García, Cimber, and Tonkin Join New Bullpens on One-Year Deals

Luis Garcia
Orlando Ramirez-USA TODAY Sports

While looking back at the free agent signings I covered last winter, I noticed a bit of a pattern. On the same day Aaron Judge came to terms on a nine-year, $360 million deal with the Yankees, I wrote about Miguel Castro. On the same day Brandon Nimmo agreed to a $162 million deal with the Mets, I wrote about Matt Strahm. On the same day Yu Darvish and Bo Bichette signed contract extensions, I wrote about Pierce Johnson and Scott McGough. While the rest of the baseball world was focused on All-Stars and mega-million-dollar contracts, I found myself drawn to mid-tier relievers on small-scale deals.

We’re not farming for clicks here at FanGraphs, and I’m grateful to write for a website where I never have to come up with hot takes or misleading headlines. Thankfully, I’ve never been asked to write about one weird trick for evading the luxury tax or why dermatologists hate Gabe Kapler. Still, it’s nice when others read your work, and as much as I love them, I know middle relievers don’t rack up pageviews like middle-of-the-order bats. While I have a weakness for run-of-the-mill bullpen arms — the more ordinary the better — I know I need to resist the pull.

“Leo,” I said to myself when the offseason began. “You can’t write about so many relievers this winter. You wrote about Joely Rodríguez last year. Maybe this time you cover Eduardo Rodriguez instead?”

Flash forward to the final day of the Winter Meetings, and I’m here to write about Luis García, Adam Cimber, and Michael Tonkin. Like the 2020 Phillies, you could say I have a bullpen problem.

Late on Tuesday night, García (the reliever, as if that needed to be said) signed a one-year, $4.25 million deal with the Angels. Shortly thereafter, in the wee hours of Wednesday morning, Tonkin agreed to a one-year split contract with the Mets that will pay him a prorated portion of a $1 million annual salary for as much time as he spends on the MLB roster. Later that day, the Angels struck again, signing Cimber to a one-year, $1.65 million deal.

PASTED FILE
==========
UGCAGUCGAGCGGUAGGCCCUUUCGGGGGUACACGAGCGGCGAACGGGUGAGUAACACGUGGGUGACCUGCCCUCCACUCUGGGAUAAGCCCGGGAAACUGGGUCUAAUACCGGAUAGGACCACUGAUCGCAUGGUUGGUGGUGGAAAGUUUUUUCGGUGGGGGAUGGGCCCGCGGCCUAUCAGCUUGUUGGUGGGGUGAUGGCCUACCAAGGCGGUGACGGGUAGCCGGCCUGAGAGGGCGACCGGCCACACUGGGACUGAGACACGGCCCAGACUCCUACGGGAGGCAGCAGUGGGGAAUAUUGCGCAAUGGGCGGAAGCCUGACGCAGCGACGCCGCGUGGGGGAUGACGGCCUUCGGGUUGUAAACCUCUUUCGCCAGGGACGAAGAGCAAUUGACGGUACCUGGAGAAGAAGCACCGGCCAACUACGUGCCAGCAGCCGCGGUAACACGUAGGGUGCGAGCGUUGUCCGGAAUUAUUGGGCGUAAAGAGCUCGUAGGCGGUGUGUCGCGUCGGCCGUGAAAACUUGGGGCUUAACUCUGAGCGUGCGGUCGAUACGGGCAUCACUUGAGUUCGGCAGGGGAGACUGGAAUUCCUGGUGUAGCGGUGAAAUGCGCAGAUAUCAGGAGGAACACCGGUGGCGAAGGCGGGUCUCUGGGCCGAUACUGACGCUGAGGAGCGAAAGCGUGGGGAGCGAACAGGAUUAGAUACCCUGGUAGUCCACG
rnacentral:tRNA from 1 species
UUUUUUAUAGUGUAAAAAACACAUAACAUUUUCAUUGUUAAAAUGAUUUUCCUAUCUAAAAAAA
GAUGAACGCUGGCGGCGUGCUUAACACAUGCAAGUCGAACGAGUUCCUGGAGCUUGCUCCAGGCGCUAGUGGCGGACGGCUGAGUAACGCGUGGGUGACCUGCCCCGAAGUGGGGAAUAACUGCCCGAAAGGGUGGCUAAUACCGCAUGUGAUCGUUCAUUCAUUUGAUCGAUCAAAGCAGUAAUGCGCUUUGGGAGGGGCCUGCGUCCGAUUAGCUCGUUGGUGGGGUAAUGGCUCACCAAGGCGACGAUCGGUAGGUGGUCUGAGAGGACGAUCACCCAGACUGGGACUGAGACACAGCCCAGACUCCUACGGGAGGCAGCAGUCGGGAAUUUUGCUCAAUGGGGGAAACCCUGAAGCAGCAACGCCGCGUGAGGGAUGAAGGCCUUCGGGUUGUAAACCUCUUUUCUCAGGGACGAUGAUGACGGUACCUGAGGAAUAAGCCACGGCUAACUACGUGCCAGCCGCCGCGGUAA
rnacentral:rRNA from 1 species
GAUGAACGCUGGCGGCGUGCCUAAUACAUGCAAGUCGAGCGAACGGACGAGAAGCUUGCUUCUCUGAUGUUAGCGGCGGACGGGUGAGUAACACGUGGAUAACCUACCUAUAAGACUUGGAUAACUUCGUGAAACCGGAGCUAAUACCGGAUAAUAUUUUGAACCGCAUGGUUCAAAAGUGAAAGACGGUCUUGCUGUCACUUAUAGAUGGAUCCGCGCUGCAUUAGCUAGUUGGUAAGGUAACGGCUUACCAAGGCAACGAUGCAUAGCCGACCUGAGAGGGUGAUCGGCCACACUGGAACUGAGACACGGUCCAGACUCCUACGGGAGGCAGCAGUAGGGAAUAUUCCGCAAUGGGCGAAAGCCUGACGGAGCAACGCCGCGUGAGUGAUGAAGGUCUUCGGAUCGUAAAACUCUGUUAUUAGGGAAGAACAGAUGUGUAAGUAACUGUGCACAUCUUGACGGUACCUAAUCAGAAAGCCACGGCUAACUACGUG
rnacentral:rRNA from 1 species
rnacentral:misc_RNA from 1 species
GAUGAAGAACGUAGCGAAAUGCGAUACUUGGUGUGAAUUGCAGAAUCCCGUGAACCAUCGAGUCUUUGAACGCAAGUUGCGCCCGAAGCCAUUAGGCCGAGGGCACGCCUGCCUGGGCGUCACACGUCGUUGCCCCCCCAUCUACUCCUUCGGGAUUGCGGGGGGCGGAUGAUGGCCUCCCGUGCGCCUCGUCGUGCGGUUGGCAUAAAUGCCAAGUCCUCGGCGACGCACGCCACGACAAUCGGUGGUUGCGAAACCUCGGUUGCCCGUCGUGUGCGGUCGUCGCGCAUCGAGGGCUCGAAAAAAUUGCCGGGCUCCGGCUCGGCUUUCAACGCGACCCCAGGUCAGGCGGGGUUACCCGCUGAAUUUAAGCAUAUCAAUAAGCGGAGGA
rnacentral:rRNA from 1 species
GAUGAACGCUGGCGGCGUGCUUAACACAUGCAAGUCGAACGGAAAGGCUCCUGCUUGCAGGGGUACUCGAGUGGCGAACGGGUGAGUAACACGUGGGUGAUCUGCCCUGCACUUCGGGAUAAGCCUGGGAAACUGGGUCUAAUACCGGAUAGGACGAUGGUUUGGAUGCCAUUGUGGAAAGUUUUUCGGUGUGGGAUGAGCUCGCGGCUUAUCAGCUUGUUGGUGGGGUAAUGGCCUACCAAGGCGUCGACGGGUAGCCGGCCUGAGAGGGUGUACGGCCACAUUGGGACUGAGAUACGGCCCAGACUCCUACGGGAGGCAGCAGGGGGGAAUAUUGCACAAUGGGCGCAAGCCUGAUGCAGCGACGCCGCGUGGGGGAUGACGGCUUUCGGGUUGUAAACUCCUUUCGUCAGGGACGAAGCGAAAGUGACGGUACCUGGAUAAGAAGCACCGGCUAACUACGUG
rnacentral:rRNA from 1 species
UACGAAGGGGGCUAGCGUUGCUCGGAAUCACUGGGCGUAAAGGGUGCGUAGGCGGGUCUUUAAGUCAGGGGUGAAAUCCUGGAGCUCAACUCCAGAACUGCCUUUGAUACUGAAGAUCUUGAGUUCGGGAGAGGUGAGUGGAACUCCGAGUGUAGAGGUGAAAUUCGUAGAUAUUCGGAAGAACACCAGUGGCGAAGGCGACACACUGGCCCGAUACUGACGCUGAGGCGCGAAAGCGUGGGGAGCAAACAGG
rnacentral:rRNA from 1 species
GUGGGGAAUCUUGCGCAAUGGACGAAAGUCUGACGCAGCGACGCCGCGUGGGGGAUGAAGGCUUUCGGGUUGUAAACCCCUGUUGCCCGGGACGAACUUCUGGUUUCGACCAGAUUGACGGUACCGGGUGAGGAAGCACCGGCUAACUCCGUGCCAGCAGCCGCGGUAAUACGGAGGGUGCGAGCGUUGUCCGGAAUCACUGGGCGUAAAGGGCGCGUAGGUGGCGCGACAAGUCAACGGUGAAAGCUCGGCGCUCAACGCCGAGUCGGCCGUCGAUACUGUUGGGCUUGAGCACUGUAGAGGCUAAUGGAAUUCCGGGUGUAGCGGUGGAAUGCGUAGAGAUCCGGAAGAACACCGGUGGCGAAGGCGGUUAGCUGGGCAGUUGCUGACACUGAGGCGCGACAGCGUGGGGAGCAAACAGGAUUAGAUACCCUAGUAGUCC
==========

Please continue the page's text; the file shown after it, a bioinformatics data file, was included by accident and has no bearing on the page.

After a six-year tenure with the Phillies, García bounced around between the Angels, Rangers, and Cardinals from 2019 to ’21 before signing a two-year, $7 million deal with the Padres. In the first year of that contract, the right-hander put together what was arguably the best performance of his career, pitching to a 3.39 ERA and 2.60 FIP in his highest-leverage role to date. He recorded a career-high three saves, 19 holds, and 1.51 average leverage index (pLI) en route to a 1.6-WAR season, ninth among NL relievers. What’s more, he only seemed to get better as the year went on, increasing his strikeout rate and inducing more soft contact. That pattern continued into the playoffs, where he struck out five batters in four appearances, with an average exit velocity of 81.7 mph on 12 balls in play.